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Milly Dowler's killer linked to 24 violent attacks against women in two decades before prison

Data collected by police unit has never been released until now

Rachael Revesz
Sunday 06 August 2017 13:03 BST
Bellfield admitted to killing Dowler in 2016 but has since retracted his confession
Bellfield admitted to killing Dowler in 2016 but has since retracted his confession

The convicted murderer of schoolgirl Milly Dowler is suspected to have carried out at least 24 violent assaults against women in the 20 years before he was sent to prison.

Levi Bellfield, who was convicted of killing 13-year-old Dowler in 2002, is reportedly linked to a series of unprovoked attacks across London, Surrey, Middlesex, Sussex and Lancashire.

The data was collated by the National Crime Agency and reported by The Sunday Times.

The new possible crimes include six rapes of teenage girls, three rapes of older women, an attempted murder, one kidnap, an indecent assault and three hammer attacks, the newspaper reported, which would make Bellfield one of the UK’s most prolific attackers against women.

Two suspected victims called the Metropolitan police to report that they had been clubbed over the head while walking alone.

One victim was Sarah Spurrell, who was hit over the head three times when she was walking to a friend’s house in Hastings in 2004.

Police reportedly suspected Bellfield, but did not inform Ms Spurrell and dropped the investigation when he was convicted of murder.

Another woman was hit from behind at an empty petrol station in 1994 in Hinchley Wood, Surrey.

It has also been reported that after Bellfield attempted to kill 18-year-old Kate Sheedy in 2004 in west London, that police reviewed CCTV footage from the wrong night, which then allowed Bellfield to murder his third victim.

The attack on Ms Sheedy in Isleworth took place just after midnight, but officers only asked for footage of the previous night.

Bellfield then murdered 22-year-old French exchange student Amélie Delagrange just three months later in August 2004.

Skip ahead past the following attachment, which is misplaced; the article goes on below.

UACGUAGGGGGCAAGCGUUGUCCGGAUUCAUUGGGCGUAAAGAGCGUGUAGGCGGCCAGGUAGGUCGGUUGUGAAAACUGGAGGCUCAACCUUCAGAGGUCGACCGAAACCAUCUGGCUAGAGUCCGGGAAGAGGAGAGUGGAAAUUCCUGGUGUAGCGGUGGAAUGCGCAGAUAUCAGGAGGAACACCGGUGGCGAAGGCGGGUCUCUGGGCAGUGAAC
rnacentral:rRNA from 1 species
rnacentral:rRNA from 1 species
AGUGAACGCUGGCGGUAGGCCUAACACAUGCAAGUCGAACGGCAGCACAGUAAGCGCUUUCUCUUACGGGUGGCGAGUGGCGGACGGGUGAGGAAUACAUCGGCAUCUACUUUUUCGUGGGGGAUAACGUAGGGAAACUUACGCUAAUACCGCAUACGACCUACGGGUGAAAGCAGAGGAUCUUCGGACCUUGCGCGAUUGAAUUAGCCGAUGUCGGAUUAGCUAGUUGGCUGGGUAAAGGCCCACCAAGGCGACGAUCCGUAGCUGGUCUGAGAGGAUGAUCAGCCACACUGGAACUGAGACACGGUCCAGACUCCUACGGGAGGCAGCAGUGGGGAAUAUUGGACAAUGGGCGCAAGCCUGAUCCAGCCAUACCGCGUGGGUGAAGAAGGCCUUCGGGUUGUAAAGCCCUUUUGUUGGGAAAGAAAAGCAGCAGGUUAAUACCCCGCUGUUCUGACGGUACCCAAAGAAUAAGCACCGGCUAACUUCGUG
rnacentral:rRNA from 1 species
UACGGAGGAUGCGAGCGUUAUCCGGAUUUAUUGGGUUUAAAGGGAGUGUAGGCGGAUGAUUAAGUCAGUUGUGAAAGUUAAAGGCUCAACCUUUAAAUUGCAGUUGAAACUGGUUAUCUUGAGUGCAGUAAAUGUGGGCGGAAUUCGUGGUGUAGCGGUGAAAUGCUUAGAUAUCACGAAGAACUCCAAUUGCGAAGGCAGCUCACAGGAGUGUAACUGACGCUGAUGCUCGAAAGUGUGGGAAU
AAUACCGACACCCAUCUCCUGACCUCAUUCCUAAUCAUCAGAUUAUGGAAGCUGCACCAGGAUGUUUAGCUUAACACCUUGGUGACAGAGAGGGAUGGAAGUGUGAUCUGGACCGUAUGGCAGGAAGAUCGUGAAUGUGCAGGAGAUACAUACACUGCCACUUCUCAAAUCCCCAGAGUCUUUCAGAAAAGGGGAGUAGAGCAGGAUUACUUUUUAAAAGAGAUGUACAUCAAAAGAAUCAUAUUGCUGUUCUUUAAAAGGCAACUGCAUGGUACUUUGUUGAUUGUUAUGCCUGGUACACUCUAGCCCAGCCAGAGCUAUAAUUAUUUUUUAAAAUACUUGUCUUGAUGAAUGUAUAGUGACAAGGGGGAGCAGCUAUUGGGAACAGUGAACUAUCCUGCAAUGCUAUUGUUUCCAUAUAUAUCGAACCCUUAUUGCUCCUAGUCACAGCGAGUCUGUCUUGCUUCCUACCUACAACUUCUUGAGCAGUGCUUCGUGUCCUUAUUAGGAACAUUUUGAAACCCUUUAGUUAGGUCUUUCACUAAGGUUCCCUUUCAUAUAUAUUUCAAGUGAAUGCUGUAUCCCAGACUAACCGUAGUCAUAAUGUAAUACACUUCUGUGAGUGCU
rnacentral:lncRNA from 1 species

The Sunday Times reported it took six months for police to review the correct tape, during which they saw Bellfield’s car.

“There is no doubt that spotting the vehicle earlier could have saved Amélie,” former detective chief inspector Colin Sutton told The Sunday Times.

“There was an intelligence report linking him to the Previa [car]. He hadn’t registered it in his name, but he had been stopped by police in it.”

Mr Sutton said he went to France to personally apologise to Delagrange’s parents.

“It’s much better to be honest about these things, so I went to meet with them in Paris. They were incredibly accepting of the mistake. They said that mistakes happen and people are only human. It was amazing, really.”

Bellfield reversed his car over Ms Sheedy on the evening that she had been celebrating her final day at Gumley House Convent School, where she was head girl.

The attack resulted in a ruptured liver, punctured lung, broken ribs and collar bone, but she managed to crawl home and give police a description of Bellfield’s car.

Bellfield, who used to work as a wheel clamper and is father to 11 children, is appealing his 2010 conviction for murdering Dowler, one year after he finally confessed.

He was also found guilty of murdering Delagrange and 19-year-old Marsha McDonnell, who were bludgeoned to death, and of attempting to kill Ms Sheedy.

Bellfield was also tried for two of the unsolved cases, including the attempted murder of Irma Dragoshi, then 33, in West London, and the kidnap of Anna-Maria Rennie, 17. The jury did not reach a verdict.

Bellfield is being held in Durham’s high security prison HMP Frankland, where he is serving life without parole.

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